Long Haul - Sailing 6000 km to French Polynesia
1 May 2008
Ocean > French Polynesia > Marquesas
All. How was your month?
We've finally arrived to the Marquesa Islands after the
33-day passage from the Galapagos! It's hard to describe
all the thoughts, feelings, moods, sights and experiences
we've had along the way, but let me try.
Sailing from the Galapagos Islands (of Ecuador) to the
Marquesas Islands (of eastern French Polynesia) is a passage
of about 3000 nautical miles, or roughly 6000 kilometres.
That's like taking a horse-drawn buggy from Thunder Bay
to Dawson City - at about 10 km/h - with nothing in between.
In those 33 days, we encountered 4 other sailboats, 2 ships,
and 1 jetliner overhead. This is untamed wilderness!
Sailing double-handed on a 34-ft boat all this distance
has been a unique experience;
it blends all the best parts about isolation, namely no
cellphones, money, rushhour, or media, with all the worst
parts, namely a lack of privacy, very few creature comforts,
possible claustrophobia, and worst of all, no beautiful
women to look at.
If you are unable to sit for hours on end, letting your
mind go blank, staring at nothing in particular.. perhaps
ocean sailing is not for you. Or at the very least you would
need to bring along an iPod and a whole crate of comic books!
Bringing along a spouse or significant other definitely
has its advantages. Some sailors just drink a lot.
As far quality of life and meals, every boat is different.
The most modern boats and "less rugged" sailors
now enjoy all the comforts of home; air conditioning, e-mail
access, movies hot showers, even dishwashers and washing
very simple and macho and about 30 years younger/poorer
aboard "Aries Tor", so a bucket of sea
water serves as dish water, bathing water, clothes washing,
and even a cup or two adds flavour to instant soup. Otherwise,
all we have is our ham radio.
For grub, we eat with 2 knives, 2 spoons and a can-opener.
we trail a fishing line and have even had some luck - hauling
in a Yellowfin tuna and a Mahi-Mahi fish, in epic bouts
of hand-to-fin combat to the death! Otherwise, some nights
I collect flying fish that land on the boat's deck to fry
up for breakfast. It might be the equivalent of scraping
bugs off your car windshield and mashing them into burgers,
but it's good, free-range protein - wash it all down with
oatmeal and a big mug of freshly-squeezed Tang!
So anyway, here are some random semi-deep observations..
Day 6: The Night Sky of the Duldrums
The night sky is amazing - just like I imagined it. The
dramatic being those nights with no moon but ten thousand
stars surrounding us, from just above the horizon to directly
overhead. Every constellation is there, but I make up a
few new ones anyway. Below, millions of phosphorescence
in the water light the surface as we ghost by, sometimes
an explosion of light emits as we excite a drifting jellyfish
- which look like nebuli. It feels as though we're floating
through space. Where does the water end and sky begin?
Day 14: No Turning Back Now
really out in the ocean now, the closest land being 1500
kilometres away! At dinner, I said to Rob, "Well, there's
no turning back now".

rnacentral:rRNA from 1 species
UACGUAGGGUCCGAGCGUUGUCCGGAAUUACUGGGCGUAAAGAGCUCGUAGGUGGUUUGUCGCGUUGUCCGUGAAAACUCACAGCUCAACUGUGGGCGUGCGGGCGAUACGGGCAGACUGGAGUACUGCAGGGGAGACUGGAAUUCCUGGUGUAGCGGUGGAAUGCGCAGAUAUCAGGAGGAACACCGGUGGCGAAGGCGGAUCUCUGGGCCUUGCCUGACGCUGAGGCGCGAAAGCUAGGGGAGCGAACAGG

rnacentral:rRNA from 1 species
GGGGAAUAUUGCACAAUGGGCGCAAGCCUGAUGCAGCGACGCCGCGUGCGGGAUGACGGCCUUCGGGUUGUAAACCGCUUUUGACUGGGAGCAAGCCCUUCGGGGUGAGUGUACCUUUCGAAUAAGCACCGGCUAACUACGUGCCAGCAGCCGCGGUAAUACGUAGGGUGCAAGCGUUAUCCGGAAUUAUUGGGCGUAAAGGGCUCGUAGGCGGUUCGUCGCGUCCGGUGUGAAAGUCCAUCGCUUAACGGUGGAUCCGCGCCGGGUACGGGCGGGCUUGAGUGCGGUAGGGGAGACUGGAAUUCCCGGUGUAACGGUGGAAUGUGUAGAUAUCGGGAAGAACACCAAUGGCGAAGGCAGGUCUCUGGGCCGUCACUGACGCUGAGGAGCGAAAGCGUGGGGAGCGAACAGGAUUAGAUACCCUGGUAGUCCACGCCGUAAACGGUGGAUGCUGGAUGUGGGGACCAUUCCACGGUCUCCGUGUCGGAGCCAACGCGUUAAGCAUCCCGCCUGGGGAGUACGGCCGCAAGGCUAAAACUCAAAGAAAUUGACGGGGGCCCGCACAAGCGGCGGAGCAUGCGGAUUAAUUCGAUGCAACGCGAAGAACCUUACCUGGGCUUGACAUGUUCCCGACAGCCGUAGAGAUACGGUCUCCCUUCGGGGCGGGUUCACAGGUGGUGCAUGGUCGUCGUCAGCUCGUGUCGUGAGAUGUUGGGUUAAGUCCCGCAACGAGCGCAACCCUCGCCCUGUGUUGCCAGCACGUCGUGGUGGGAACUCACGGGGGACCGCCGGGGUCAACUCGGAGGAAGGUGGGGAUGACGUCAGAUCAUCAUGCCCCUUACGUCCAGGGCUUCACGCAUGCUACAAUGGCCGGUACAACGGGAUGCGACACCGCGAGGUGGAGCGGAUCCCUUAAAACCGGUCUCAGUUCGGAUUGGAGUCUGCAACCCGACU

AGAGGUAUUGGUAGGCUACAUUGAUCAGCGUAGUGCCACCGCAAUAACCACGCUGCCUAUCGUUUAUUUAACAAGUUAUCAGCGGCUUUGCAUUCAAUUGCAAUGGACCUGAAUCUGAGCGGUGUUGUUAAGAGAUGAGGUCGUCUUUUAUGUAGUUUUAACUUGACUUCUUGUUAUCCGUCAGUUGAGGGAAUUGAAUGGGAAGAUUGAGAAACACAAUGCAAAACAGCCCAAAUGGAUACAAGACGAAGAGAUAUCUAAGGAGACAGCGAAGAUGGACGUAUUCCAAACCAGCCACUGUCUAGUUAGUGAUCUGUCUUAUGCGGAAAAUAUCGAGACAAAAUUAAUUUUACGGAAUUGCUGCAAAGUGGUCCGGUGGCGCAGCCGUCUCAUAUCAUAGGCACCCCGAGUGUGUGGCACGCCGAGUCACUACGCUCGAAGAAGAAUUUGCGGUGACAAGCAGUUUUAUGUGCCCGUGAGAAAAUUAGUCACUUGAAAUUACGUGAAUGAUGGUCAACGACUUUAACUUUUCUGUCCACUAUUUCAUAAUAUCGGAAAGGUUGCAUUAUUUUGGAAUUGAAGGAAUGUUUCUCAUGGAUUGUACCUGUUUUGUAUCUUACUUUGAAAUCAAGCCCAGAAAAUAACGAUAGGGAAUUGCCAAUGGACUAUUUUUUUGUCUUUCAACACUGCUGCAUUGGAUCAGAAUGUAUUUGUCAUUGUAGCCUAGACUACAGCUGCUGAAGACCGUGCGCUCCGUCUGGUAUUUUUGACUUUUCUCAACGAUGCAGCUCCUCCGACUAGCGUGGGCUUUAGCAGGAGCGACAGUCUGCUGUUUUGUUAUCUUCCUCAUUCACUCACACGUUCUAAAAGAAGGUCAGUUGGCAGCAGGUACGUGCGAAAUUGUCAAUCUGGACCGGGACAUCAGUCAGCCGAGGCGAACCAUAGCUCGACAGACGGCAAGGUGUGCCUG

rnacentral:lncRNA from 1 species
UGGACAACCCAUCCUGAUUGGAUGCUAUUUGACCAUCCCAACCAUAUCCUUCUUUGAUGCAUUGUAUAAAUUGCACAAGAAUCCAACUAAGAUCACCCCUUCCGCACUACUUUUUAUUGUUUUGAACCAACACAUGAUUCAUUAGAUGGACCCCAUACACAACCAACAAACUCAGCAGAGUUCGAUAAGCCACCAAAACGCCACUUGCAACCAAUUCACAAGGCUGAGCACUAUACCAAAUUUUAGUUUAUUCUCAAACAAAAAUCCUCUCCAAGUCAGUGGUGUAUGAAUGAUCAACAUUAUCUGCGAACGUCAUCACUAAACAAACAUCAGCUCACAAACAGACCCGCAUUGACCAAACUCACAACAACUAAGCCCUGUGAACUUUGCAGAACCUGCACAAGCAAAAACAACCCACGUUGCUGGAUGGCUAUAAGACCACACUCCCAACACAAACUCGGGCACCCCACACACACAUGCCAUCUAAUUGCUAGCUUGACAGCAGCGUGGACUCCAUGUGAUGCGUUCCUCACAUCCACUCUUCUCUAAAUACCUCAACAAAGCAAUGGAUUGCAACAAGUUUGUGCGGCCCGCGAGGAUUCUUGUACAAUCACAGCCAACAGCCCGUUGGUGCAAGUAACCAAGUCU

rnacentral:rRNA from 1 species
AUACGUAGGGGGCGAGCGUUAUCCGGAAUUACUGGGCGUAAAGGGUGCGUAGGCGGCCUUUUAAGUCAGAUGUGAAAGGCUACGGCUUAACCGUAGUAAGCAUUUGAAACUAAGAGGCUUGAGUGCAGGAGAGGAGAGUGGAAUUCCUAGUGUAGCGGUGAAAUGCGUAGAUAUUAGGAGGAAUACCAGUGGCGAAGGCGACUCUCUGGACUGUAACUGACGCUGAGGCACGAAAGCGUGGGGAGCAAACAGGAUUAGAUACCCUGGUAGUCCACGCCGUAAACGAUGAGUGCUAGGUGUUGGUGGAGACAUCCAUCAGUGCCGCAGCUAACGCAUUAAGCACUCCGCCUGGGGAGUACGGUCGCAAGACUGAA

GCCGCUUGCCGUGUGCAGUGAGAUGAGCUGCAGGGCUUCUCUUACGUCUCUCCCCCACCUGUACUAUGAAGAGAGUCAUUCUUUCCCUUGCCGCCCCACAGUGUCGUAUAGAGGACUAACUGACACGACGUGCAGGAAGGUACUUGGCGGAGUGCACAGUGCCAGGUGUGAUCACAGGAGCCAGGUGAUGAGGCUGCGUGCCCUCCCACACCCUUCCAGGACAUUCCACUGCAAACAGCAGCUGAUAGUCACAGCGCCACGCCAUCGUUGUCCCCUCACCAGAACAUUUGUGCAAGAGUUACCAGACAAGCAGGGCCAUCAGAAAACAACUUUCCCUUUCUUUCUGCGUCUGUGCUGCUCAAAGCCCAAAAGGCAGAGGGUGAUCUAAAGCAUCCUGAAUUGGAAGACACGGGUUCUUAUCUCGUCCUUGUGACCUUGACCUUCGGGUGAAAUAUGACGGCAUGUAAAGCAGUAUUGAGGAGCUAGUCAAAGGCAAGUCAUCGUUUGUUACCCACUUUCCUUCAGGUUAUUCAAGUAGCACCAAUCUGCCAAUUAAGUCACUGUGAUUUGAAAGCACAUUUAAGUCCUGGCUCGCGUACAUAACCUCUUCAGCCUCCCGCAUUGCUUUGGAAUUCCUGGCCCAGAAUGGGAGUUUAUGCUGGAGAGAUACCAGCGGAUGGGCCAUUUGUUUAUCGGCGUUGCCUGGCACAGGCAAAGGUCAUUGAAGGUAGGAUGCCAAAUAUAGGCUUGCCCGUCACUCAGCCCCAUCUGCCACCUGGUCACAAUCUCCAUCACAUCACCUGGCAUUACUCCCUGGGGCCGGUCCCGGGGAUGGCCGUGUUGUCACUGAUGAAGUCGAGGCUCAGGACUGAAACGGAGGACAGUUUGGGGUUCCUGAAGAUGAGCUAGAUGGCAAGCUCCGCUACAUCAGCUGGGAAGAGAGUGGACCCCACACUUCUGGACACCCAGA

We both agree on an interesting phenomonen; our brains
refuse to acknowlege our position as being in the middle
of nowhere. You can "sense" land is just on the
other side of the horizon! In reality, the horizon is only
about 10 km away - so the closest shore is at least 150
times that! Maybe picturing land just over the edge is a
coping mechanism. It's kind of like why people used to believe
the earth (when it used to be flat) ended with a giant waterfall.
Or when I was younger, I imagined a huge wall at the edge
Day 22: Hearing Voices
I can hear voices! Luckily, that's common. The boat rigging
and wind often make sounds similar to voices.
I guess after 3 weeks, you become eager to hear some other
humans. I suppose I wouldn't notice the sounds otherwise,
or think they sounded human.
Sometimes you get startled by it - it sounds so real -
like someone is yelling for you, off in the distance, maybe
in a liferaft or a passing sailboat. But of course.. noone
is there. Kind of disappointing actually - but then you
laugh it off.
Day 24: Perfectly Normal Catastrophes
As far as glitches go, technically speaking, we have broken
our fair share of gear - radar reflector, mast light, topping
lift, jib halyard, battery charger and a sink strainer accidently
thrown overboard. Our most major foul-up being a snapped
forestay (note: the wire that helps hold the mast upright
and from falling into your lap). We juryrigged a solution
to get us these last 500 miles. I had the special privilege
of climbing up the mast 3 times, which is like strapping
yourself into a trebuchet and getting launched across the
sky - but the view (when you're not hurtling towards it)
is incredible; seeing just how tiny the boat is below you
and how big the ocean is around you.
Day 26: Personal Development
so easy to seek mental shelter by slipping into a pissy
or withdrawn mood. And of course disagreements are bound
to happen in such a confined space, but I feel like I've
failed so far in the expectations I've given myself for
personal development. This really is an ideal place to deal
with them though. This adventure has been about adaptation,
learning patience and humility from the get-go and there's
plenty of time to get it right.
Welcome to Polynesia!